Ted Slanders

This sounds like the government agricultural camps in California and Arizona for the Dust Bowl migration of the 1930’s! GREAT! They were like a microcosm of a town government within the confines of the camp. Hope it works!


Jesus is finally smiling upon San Luis Obispo County!


SLOChildrenAtPlay

Back in the 1930’s the agricultural camps were populated by people who had traveled hundreds and even thousands of miles to California looking for work. Of course people accustomed to hard work are willing to work a little harder to develop a successful community.


Let’s just see how well this “homeless village” can be self-governed by people who traveled hundreds of miles to our area looking for good weather, good entitlements, and guilty upper middle-class people to feel sorry for them.


bjorgeso

Actually, most of our homeless are local citizens…it’s a misconception that people

flock to SLO to live – our reputation in how we treat our homeless is not that good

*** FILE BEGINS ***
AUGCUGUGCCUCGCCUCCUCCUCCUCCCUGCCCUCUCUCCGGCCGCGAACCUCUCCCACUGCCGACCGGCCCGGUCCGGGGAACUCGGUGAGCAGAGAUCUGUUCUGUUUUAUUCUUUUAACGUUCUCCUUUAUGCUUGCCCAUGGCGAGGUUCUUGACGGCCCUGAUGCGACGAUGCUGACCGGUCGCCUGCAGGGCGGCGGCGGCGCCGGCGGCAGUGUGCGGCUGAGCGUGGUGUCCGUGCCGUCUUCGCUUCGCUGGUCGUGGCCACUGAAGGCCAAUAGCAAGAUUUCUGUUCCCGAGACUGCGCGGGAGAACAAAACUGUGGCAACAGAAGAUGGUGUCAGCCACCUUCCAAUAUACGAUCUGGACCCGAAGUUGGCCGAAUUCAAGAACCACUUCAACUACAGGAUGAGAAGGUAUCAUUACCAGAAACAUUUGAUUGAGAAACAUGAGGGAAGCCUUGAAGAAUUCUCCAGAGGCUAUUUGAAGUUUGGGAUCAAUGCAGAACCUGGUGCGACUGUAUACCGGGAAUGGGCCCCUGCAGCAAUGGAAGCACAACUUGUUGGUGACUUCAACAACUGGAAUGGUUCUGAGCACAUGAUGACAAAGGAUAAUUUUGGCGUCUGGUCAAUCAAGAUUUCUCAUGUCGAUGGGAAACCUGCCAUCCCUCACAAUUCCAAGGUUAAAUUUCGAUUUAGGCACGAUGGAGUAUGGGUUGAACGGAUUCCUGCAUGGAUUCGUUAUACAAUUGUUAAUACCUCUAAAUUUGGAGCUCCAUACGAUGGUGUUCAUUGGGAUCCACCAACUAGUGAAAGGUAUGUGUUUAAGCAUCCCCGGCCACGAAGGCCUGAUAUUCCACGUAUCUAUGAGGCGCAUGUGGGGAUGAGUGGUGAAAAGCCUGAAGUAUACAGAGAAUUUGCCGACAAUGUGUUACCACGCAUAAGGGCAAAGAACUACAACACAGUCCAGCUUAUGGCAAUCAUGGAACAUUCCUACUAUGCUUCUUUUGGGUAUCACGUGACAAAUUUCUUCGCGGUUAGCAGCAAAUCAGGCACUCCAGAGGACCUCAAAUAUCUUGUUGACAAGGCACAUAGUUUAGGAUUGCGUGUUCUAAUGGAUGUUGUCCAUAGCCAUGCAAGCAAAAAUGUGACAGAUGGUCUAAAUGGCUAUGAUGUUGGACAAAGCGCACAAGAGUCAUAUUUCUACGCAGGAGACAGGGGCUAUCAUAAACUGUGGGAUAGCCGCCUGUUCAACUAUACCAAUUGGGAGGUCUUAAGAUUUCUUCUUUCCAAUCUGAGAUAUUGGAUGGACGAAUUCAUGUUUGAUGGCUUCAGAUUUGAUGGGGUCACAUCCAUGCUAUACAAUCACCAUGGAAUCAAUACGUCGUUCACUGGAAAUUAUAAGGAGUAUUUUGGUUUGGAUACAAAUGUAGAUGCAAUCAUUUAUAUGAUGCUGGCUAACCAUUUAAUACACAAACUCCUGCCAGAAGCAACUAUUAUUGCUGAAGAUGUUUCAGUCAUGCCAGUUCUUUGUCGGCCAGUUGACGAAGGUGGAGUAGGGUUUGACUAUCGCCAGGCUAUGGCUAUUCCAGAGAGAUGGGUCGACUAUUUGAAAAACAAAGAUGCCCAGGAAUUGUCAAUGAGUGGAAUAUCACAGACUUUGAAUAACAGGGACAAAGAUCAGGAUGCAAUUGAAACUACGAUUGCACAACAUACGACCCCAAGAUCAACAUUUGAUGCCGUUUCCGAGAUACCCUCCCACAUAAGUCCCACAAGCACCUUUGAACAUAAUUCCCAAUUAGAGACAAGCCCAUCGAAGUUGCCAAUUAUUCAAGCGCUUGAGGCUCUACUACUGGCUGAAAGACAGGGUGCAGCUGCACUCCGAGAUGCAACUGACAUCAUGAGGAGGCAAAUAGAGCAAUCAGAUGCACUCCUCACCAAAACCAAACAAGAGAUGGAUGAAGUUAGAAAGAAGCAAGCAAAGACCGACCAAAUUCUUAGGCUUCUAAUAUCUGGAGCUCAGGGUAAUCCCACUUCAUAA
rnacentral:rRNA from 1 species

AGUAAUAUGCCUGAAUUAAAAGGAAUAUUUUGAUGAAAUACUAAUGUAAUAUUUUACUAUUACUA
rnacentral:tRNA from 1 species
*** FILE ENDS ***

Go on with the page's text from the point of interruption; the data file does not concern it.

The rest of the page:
Please — try going out there and talking to some of our homeless neighbors before

you judge them.


SLOChildrenAtPlay

“There will be a “one-strike-you’re-out” culture; there will be zero tolerance for drugs, alcohol, theft, or violence.”


How will this be enforced? I would hope that everyone living in this “village” would be subject to random drug and alcohol testing. And what about prescription medications? I have known a few homeless people who are “disabled” and addicted to pain killers, who also sell their prescription drugs on occasion to earn some cash. Will “medical marijuana” be allowed in the “village?”